Buckingham Palace is the official London home of the British Royal Family, and therefore in the public’s eyes at least, the seat of the British monarchy. Starting life in the early 1700s as a town house owned by the Duke of Buckingham, Buckingham Palace has since evolved into the official residence of the British monarch with 775 rooms filled with myriad finery.
Today, much of the mystique surrounding Buckingham Palace has dissipated as visitors are now allowed in during the summer months where they can see the State Rooms with some of the finest French and English furniture on the planet, and where knighthoods take place. As such, Buckingham Palace really is the jewel in the crown of London attractions.
King George III purchased the then Buckingham House for his wife, Queen Charlotte, for use as a family home – consequently it became known as the Queen’s House where 14 of the rampant King’s 15 children were born.
King George IV, with the help of architect of the day, John Nash, had Buckingham House reconstructed and transformed into a palace with Parliament picking up a bill for works in the region of a then staggering half a million pounds. Faced with Bath stone, most of the work took place o the west side as the Palace took on a neo-classical French style and began to evolve into something more akin to iconic UK attraction we know so well today.
Nash’s extravagance and soaring costs cost him his job, and following the death of George IV in 1830, he was replaced by William IV by William Blore. William never actually moved into Buckingham Palace – the honour of being the first sovereign to live there, befittingly falling to Queen Victoria in 1837.
Queen Victoria and Prince Albert soon put their stamp on Buckingham Palace – a forth (east) wing now recognisable as the front of Buckingham Palace facing the Mall. This was also designed by Blore, with works funded by the sale of George IV’s folly – the Brighton Pavillion.
Buckingham Palace features 19 State rooms, 240 bedrooms, 92 offices and 78 bathrooms. It is a working palace and it is from here that the majority of the Queen’s, and other members of her family’s, civil duties are planned and discharged.
Buckingham Palace also holds State visits and banquets for visiting heads of state, Investitures, and the three Garden Parties held every year in the summer, meaning the Palace and palace staff have to look after the needs of over 50,000 official visitors every year.
Since Queen Victoria moved into Buckingham Palace, its east façade facing the mail has become something of a British icon, often finding itself at the centre of British history.
On any major royal occasion the Royal Family gather on the east balcony in full ceremonial dress to wave and be waved to by an adoring British public.
Like so much of London, Buckingham Palace was bombed by the Luftwaffe, damage which the Royal Family wore like a badge of honour as so much of the aerial fury of Hitler rained down on the UK capital’s poorer areas – especially London’s East End. It was also outside Buckingham Palace that crowds gathered to celebrate the end to hostilities in Europe in 1944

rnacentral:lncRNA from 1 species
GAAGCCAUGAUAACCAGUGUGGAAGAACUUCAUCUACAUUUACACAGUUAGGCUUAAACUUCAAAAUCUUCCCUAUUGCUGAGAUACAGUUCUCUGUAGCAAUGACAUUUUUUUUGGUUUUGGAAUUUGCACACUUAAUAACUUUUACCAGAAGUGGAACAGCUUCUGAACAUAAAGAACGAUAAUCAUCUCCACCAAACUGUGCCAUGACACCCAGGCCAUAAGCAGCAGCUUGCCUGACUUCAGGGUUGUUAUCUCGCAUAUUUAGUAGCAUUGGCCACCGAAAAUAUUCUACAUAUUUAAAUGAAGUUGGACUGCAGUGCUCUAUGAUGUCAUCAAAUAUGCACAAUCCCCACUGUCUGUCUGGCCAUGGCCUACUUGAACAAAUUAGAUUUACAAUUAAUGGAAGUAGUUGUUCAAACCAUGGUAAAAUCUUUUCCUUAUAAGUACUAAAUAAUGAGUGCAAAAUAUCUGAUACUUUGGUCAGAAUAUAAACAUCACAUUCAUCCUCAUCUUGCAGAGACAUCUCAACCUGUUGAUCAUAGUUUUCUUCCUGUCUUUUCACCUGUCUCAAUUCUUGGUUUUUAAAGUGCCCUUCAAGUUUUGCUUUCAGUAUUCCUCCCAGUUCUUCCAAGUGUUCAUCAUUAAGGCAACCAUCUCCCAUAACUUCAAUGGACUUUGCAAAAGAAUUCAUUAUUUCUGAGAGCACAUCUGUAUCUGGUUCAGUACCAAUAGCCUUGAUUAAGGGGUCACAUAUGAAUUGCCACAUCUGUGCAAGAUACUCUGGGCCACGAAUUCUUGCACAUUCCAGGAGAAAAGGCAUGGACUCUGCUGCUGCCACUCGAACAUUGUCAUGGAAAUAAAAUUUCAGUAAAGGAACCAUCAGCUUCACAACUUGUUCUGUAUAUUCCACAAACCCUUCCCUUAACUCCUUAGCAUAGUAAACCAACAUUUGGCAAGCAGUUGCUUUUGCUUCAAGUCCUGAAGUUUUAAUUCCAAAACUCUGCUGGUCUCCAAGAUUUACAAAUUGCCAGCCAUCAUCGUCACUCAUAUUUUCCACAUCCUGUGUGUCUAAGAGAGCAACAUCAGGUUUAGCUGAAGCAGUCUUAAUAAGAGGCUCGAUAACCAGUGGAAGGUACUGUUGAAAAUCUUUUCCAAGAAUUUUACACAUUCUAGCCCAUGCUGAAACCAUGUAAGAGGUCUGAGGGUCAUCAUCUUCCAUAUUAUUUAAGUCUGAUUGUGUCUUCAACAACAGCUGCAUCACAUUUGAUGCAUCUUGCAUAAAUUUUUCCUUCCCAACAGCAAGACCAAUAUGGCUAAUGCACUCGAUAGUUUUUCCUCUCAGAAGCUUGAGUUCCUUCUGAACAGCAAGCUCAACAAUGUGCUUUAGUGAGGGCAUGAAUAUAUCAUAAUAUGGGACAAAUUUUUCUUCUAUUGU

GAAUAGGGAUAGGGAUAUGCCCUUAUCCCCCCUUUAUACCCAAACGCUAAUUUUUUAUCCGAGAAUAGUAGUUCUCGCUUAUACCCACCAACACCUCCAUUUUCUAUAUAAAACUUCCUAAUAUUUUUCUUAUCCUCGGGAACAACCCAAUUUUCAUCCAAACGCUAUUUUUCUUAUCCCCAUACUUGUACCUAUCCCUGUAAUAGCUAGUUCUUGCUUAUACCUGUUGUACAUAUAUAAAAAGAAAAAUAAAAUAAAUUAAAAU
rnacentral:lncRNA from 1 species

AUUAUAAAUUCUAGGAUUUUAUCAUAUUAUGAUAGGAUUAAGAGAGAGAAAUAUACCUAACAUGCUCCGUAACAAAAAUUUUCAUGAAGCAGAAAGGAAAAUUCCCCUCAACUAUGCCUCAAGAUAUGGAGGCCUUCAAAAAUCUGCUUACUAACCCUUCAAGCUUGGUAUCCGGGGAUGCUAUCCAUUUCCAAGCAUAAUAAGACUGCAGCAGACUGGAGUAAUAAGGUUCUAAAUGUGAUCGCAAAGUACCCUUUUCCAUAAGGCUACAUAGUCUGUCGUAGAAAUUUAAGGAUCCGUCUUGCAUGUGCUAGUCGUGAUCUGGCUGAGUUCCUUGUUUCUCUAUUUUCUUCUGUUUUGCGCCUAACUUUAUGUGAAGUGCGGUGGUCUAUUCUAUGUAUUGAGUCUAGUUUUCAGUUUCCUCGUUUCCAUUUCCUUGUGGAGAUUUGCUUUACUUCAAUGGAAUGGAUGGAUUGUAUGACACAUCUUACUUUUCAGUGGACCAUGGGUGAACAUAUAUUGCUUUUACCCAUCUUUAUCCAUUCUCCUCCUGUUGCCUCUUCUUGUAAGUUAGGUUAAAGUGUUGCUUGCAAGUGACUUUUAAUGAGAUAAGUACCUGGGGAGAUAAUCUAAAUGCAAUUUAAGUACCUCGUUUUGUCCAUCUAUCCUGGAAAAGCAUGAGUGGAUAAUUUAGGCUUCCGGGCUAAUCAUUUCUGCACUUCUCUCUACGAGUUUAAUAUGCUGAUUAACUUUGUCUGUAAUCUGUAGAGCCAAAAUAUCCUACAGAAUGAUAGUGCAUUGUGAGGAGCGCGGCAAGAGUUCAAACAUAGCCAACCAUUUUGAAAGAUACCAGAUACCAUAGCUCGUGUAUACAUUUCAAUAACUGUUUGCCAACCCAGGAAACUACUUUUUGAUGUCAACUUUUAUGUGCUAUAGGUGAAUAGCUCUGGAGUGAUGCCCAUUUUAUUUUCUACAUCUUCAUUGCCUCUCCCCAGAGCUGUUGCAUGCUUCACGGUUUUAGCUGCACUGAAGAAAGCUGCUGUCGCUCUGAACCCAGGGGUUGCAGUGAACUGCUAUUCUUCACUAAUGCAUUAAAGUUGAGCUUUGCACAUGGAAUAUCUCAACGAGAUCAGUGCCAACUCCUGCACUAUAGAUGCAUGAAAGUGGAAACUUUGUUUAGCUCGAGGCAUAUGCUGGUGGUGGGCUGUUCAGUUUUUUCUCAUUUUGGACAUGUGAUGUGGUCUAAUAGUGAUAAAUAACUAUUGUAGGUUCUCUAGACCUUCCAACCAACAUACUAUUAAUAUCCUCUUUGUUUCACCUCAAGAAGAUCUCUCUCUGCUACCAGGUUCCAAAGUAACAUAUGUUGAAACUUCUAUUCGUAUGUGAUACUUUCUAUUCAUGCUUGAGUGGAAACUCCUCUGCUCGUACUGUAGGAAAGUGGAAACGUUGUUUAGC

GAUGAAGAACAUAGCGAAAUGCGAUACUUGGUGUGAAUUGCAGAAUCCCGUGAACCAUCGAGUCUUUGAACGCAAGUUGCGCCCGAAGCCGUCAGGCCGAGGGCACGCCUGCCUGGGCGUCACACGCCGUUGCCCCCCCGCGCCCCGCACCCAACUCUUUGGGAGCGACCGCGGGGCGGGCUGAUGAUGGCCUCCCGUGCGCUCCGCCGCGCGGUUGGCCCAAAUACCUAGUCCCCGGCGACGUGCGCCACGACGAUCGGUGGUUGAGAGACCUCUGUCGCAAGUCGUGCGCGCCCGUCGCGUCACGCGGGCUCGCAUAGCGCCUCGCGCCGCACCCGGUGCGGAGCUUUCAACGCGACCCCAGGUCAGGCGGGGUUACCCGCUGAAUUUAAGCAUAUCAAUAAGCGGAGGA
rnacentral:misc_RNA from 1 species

The Palace was central throughout the public life of Princess Diana, providing the backdrop to the tragedy from engagement, through to her weeding to Prince Charles, and finally her funeral in 1997.
This was something of a low point in popularity for Queen Elizabeth II, but it was soon forgotten as the public once again thronged to the Palace’s gates to celebrate her 50 years on the throne at her Golden Jubilee celebrations in 2002.
Visiting Buckingham Palace
An exclusive guided tour is available and gives a special insight into the history and use of the State Rooms, and the works of art on display. The cost per person is £65.00 and includes a copy of the official guidebook, 20% discount in the Royal Collection shop and a glass of champagne served in the Grand Entrance. These tours are only available on 9, 11, 16, 18, 23, 25, 30 January and 1 February. The tour begins at 17:00 on a Friday and 16:00 on a Sunday and lasts for approximately 2 hours. There is limited availability, with a maximum number of 30 places on each tour. Advanced booking required.
Standard admission takes place between 1 August - 27 September 2009.
09:45 - 18:00 (last admission 15:45)
Admission is by timed ticket with entry every 15 minutes throughout the day. Tickets are valid only on the date and at the entrance time specified on the ticket. Visit last between 2 and 2½ hours.
The State Rooms, Buckingham Palace
(includes audio guide)
Over 60/ Student (with valid ID) £15.00
Under 17 £9.50
Under 5 Free
Family £44.00 (2 adults and 3 under 17s)
A Royal Day Out
(This ticket gives admission to three sites:
The State Rooms, the Royal Mews and The Queen's Gallery, Buckingham Palace)
(only available 1 August - 27 September 2009)
Over 60/ Student (with valid ID) £26.50
Under 17 £16.50
Under 5 Free
Family £78.00 (2 adults and 3 under 17s)
Tickets can be bought online or by telephone (+44) (0)20 7766 7300. A booking fee of £1.25 per ticket applies. All major credit cards accepted. Buying a ticket on the day can be done at the ticket office at the Visitor Entrance, Buckingham Palace Road, open 09:15-17:00, 12 July to 27 September.
Victoria (Victoria, District and Circle lines), Green Park (Jubilee, Piccadilly and Victoria lines) and Hyde Park Corner (Piccadilly Line).
Numbers 11, 211, 239, C1 and C10 stop on Buckingham Palace Road.